46. 46. Ban NC, Adams V, Pressey RL, Hicks J. Promise and problems for estimating management costs of marine protected areas. Con Lett. John Wiley & Sons, Ltd (10.1111); 2011;4: 241–252.
  47. 47. O'Leary BC, Janson MW, Bainbridge JM, Aitken J, Hawkins JP, Roberts CM. Effective Coverage Targets for Ocean Protection. Conservation Letters. 2016;6: 398–404.
  48. 48. Cinner JE, Huchery C, MacNeil MA, Graham NAJ, McClanahan TR, Maina J, et al. Bright spots among the world’s coral reefs. Nature. Nature Publishing Group; 2016;535: 416–419. pmid:27309809
  49. 49. Letessier TB, Meeuwig JJ, Gollock M, Groves L, Bouchet PJ, Chapuis L, et al. Assessing pelagic fish populations: The application of demersal video techniques to the mid-water environment. Methods in Oceanography. Elsevier Ltd; 2013;8: 41–55.
  50. 50. Bouchet PJ, Meeuwig JJ, Huveneers C, Langlois TJ, Letessier TB, Lowry M, et al. Marine sampling field manual for pelagic stereo-BRUVS (Baited Remote Underwater Videos). In: Przeslawski R, Foster S, editors. Field Manuals for Marine Sampling to Monitor Australian Waters. National Environmental Science Programme (NESP); 2018. pp. 105–132.
  51. 51. Bouchet PJ, Meeuwig JJ. Drifting baited stereo-videography: a novel sampling tool for surveying pelagic wildlife in offshore marine reserves. Ecosphere. 2015;6: art137.
  52. 52. Letessier TB, Kawaguchi S, King R, Meeuwig JJ, Harcourt R, Cox MJ. A robust and economical underwater stereo video system to observe Antarctic krill (Euphausia superba). Open Journal of Marine Biology. 2013;03: 148–153.
  53. 53. Cappo M, Harvey E. Counting and measuring fish with baited video techniques-an overview. Australian Society for Fish Biology—2006 Workshop Proceedings. 2006;: 101–114.
  54. 54. Bakker J, Wangensteen OS, Chapman DD, Boussarie G, Buddo D, Guttridge TL, et al. Environmental DNA reveals tropicalshark diversity in contrasting levelsof anthropogenic impact. Sci Rep. Springer US; 2017;: 1–11. pmid:29203793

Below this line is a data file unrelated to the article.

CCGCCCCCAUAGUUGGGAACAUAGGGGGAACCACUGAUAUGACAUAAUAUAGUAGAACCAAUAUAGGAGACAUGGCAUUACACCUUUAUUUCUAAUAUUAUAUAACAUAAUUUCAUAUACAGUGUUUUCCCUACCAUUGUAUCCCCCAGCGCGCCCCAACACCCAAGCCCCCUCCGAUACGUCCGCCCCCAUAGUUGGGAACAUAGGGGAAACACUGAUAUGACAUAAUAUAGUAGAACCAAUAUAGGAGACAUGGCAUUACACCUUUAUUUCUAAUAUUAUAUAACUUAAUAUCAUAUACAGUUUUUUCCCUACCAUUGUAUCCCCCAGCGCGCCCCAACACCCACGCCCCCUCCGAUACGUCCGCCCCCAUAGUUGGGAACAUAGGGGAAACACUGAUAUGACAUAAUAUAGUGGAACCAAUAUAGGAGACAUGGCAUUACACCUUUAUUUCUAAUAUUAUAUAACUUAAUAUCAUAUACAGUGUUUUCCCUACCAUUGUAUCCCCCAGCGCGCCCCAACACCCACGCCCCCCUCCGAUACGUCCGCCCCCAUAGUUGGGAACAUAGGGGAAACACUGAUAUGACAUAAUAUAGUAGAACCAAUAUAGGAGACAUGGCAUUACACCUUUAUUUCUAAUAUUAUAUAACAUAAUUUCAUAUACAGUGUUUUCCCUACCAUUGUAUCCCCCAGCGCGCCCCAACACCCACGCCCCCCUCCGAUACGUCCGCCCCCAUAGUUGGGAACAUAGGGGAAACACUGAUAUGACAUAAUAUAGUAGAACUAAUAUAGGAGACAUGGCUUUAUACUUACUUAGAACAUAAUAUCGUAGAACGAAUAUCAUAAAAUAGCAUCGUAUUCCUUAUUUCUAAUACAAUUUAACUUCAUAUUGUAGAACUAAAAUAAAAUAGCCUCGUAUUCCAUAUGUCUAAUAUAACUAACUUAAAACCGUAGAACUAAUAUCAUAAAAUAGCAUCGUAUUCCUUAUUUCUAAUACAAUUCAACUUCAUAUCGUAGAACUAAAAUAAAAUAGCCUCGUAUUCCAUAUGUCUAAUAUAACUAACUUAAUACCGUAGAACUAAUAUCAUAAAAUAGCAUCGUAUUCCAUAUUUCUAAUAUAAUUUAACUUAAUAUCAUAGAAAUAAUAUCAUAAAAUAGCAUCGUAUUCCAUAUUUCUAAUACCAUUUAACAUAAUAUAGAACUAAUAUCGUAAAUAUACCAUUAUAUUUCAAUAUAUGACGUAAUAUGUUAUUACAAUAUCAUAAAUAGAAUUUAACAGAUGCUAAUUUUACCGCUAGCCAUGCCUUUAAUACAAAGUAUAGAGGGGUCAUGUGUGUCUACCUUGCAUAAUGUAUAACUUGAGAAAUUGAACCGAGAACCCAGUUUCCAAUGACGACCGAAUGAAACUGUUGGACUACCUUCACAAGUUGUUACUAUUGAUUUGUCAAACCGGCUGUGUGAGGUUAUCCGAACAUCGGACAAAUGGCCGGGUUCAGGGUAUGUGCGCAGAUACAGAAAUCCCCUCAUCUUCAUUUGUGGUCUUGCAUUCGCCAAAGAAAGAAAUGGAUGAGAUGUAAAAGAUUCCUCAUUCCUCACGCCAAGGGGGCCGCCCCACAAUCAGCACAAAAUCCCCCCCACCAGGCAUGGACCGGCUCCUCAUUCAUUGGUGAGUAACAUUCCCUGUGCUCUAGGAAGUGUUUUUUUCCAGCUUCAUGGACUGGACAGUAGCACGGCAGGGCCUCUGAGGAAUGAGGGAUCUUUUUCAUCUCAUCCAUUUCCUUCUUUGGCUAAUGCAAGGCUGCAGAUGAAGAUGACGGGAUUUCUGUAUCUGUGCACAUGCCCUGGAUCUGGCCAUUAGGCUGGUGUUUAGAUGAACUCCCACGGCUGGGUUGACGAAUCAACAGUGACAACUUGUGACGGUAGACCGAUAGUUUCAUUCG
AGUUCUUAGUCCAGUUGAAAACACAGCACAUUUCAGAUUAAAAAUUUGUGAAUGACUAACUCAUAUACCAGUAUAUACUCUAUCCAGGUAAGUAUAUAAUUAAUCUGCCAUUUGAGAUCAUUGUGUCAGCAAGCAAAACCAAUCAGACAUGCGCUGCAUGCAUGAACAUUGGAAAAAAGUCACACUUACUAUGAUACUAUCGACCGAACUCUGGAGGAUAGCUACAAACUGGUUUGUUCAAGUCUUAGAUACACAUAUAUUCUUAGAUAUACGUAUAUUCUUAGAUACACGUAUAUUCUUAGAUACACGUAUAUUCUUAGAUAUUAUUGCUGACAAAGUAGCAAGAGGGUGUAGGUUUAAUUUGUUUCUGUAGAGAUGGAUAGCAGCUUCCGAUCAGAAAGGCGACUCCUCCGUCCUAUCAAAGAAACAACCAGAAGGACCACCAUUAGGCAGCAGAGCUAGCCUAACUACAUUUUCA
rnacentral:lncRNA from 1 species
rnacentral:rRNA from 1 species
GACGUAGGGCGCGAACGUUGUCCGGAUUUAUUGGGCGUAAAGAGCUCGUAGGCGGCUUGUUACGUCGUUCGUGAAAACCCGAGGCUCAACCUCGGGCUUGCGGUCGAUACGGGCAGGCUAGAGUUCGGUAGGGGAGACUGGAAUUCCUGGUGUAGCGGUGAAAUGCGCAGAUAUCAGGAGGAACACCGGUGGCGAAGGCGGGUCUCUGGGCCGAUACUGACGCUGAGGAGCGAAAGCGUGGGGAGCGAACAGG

55. 55. Whitmarsh SK, Fairweather PG, Huveneers C. What is Big BRUVver up to? Methods and uses of baited underwater video. Reviews in Fish Biology and Fisheries. Springer International Publishing; 2016;27: 53–73.
  56. 56. Halpern BS, Walbridge S, Selkoe K, Kappel CV, Micheli F, D'Agrosa C, et al. A global map of human impact on marine ecosystems. Science. 2008;319: 948–952. pmid:18276889
  57. 57. Nash KL, Bijoux J, Robinson J, Wilson SK, Graham NAJ. Harnessing fishery‐independent indicators to aid management of data‐poor fisheries: weighing habitat and fishing effects. Ecosphere. 2016;7.
  58. 58. McClanahan TR, Graham N, MacNeil MA, Cinner JE. Biomass-based targets and the management of multispecies coral reef fisheries. Conservation Letters. 2015.
  59. 59. Dulvy NK, Freckleton RP, Polunin NVC. Coral reef cascades and the indirect effects of predator removal by exploitation. Ecology Letters. 2004;7: 410–416.
  60. 60. Froese R, Pauly D. FishBase. In: World Wide Web electronic publication [Internet]. 17 Jan 2015 [cited 15 Jan 2015]. Available:
  61. 61. Worm B, Davis B, Kettemer L, Ward-Paige CA, Chapman D, Heithaus MR, et al. Global catches, exploitation rates, and rebuilding options for sharks. Marine Policy. Elsevier; 2013;40: 194–204.
  62. 62. Ferretti F, Worm B, Britten GL, Heithaus MR, Lotze HK. Patterns and ecosystem consequences of shark declines in the ocean. Ecology Letters. 2010;13: 1055–1071. pmid:20528897
  63. 63. Heithaus MR, Frid A, Wirsing AJ, Worm B. Predicting ecological consequences of marine top predator declines. Trends in ecology & evolution. 2008;23: 202–210. pmid:18308421
  64. 64. Ruppert JLW, Travers MJ, Smith LL, Fortin M-J, Meekan MG. Caught in the Middle: Combined Impacts of Shark Removal and Coral Loss on the Fish Communities of Coral Reefs. Ferse SCA, editor. PLoS ONE. 2013;8: e74648. pmid:24058618